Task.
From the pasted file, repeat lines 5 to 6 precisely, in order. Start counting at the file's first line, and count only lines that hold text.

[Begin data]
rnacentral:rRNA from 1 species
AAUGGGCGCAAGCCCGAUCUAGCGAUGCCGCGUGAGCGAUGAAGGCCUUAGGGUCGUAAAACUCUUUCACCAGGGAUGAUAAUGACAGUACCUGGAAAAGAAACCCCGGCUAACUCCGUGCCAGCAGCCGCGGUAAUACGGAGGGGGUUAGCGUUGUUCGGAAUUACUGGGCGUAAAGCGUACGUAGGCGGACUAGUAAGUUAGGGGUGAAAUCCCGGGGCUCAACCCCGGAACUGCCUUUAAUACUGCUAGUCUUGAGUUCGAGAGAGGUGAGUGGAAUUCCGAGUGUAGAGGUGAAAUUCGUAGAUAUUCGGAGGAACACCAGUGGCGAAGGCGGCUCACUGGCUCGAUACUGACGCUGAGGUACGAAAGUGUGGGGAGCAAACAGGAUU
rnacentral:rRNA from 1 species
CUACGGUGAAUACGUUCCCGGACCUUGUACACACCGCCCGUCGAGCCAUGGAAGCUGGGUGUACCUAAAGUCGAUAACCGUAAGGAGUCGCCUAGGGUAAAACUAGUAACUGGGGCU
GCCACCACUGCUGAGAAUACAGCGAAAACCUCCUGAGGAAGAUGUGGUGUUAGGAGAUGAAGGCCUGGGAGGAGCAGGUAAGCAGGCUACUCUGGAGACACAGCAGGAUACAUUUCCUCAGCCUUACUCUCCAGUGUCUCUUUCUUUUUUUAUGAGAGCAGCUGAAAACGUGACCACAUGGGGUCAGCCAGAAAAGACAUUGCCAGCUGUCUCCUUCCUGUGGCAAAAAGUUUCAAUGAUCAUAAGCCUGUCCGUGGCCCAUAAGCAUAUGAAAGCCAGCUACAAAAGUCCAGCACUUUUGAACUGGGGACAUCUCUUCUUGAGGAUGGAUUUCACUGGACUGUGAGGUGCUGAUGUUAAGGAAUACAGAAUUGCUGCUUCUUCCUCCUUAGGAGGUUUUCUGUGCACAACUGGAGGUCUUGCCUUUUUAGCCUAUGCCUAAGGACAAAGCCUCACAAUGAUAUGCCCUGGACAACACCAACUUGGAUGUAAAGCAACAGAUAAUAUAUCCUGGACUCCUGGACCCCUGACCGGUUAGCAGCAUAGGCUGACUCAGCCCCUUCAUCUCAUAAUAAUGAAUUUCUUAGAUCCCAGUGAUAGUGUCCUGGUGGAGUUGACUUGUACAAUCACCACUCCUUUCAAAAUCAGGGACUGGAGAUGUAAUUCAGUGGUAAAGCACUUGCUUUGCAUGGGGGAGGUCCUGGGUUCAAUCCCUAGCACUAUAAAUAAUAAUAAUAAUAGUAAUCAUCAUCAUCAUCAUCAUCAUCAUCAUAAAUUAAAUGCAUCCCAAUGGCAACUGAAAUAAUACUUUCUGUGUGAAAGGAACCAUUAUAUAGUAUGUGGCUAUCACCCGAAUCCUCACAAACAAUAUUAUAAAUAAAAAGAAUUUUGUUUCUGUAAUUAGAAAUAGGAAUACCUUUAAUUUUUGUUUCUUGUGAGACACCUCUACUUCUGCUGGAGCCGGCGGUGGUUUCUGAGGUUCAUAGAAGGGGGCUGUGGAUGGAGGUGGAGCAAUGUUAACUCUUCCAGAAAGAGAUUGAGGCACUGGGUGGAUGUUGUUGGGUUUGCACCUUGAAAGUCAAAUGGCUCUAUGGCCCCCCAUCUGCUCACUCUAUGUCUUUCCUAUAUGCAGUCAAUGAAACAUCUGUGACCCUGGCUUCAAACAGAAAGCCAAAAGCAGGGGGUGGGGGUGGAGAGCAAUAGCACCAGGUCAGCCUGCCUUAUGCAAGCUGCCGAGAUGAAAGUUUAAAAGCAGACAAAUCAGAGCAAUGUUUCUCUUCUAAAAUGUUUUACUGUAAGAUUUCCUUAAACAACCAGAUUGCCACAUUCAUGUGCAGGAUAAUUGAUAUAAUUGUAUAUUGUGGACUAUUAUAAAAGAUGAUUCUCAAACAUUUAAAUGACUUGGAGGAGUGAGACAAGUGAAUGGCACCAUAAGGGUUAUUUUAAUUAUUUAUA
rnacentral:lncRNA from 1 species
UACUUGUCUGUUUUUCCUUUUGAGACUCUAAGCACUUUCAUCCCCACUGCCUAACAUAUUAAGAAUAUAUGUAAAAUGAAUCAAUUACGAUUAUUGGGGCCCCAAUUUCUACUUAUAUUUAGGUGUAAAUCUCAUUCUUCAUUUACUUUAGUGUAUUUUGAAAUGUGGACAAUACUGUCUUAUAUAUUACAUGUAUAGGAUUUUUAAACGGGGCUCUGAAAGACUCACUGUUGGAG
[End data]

GCCACCACUGCUGAGAAUACAGCGAAAACCUCCUGAGGAAGAUGUGGUGUUAGGAGAUGAAGGCCUGGGAGGAGCAGGUAAGCAGGCUACUCUGGAGACACAGCAGGAUACAUUUCCUCAGCCUUACUCUCCAGUGUCUCUUUCUUUUUUUAUGAGAGCAGCUGAAAACGUGACCACAUGGGGUCAGCCAGAAAAGACAUUGCCAGCUGUCUCCUUCCUGUGGCAAAAAGUUUCAAUGAUCAUAAGCCUGUCCGUGGCCCAUAAGCAUAUGAAAGCCAGCUACAAAAGUCCAGCACUUUUGAACUGGGGACAUCUCUUCUUGAGGAUGGAUUUCACUGGACUGUGAGGUGCUGAUGUUAAGGAAUACAGAAUUGCUGCUUCUUCCUCCUUAGGAGGUUUUCUGUGCACAACUGGAGGUCUUGCCUUUUUAGCCUAUGCCUAAGGACAAAGCCUCACAAUGAUAUGCCCUGGACAACACCAACUUGGAUGUAAAGCAACAGAUAAUAUAUCCUGGACUCCUGGACCCCUGACCGGUUAGCAGCAUAGGCUGACUCAGCCCCUUCAUCUCAUAAUAAUGAAUUUCUUAGAUCCCAGUGAUAGUGUCCUGGUGGAGUUGACUUGUACAAUCACCACUCCUUUCAAAAUCAGGGACUGGAGAUGUAAUUCAGUGGUAAAGCACUUGCUUUGCAUGGGGGAGGUCCUGGGUUCAAUCCCUAGCACUAUAAAUAAUAAUAAUAAUAGUAAUCAUCAUCAUCAUCAUCAUCAUCAUCAUAAAUUAAAUGCAUCCCAAUGGCAACUGAAAUAAUACUUUCUGUGUGAAAGGAACCAUUAUAUAGUAUGUGGCUAUCACCCGAAUCCUCACAAACAAUAUUAUAAAUAAAAAGAAUUUUGUUUCUGUAAUUAGAAAUAGGAAUACCUUUAAUUUUUGUUUCUUGUGAGACACCUCUACUUCUGCUGGAGCCGGCGGUGGUUUCUGAGGUUCAUAGAAGGGGGCUGUGGAUGGAGGUGGAGCAAUGUUAACUCUUCCAGAAAGAGAUUGAGGCACUGGGUGGAUGUUGUUGGGUUUGCACCUUGAAAGUCAAAUGGCUCUAUGGCCCCCCAUCUGCUCACUCUAUGUCUUUCCUAUAUGCAGUCAAUGAAACAUCUGUGACCCUGGCUUCAAACAGAAAGCCAAAAGCAGGGGGUGGGGGUGGAGAGCAAUAGCACCAGGUCAGCCUGCCUUAUGCAAGCUGCCGAGAUGAAAGUUUAAAAGCAGACAAAUCAGAGCAAUGUUUCUCUUCUAAAAUGUUUUACUGUAAGAUUUCCUUAAACAACCAGAUUGCCACAUUCAUGUGCAGGAUAAUUGAUAUAAUUGUAUAUUGUGGACUAUUAUAAAAGAUGAUUCUCAAACAUUUAAAUGACUUGGAGGAGUGAGACAAGUGAAUGGCACCAUAAGGGUUAUUUUAAUUAUUUAUA
rnacentral:lncRNA from 1 species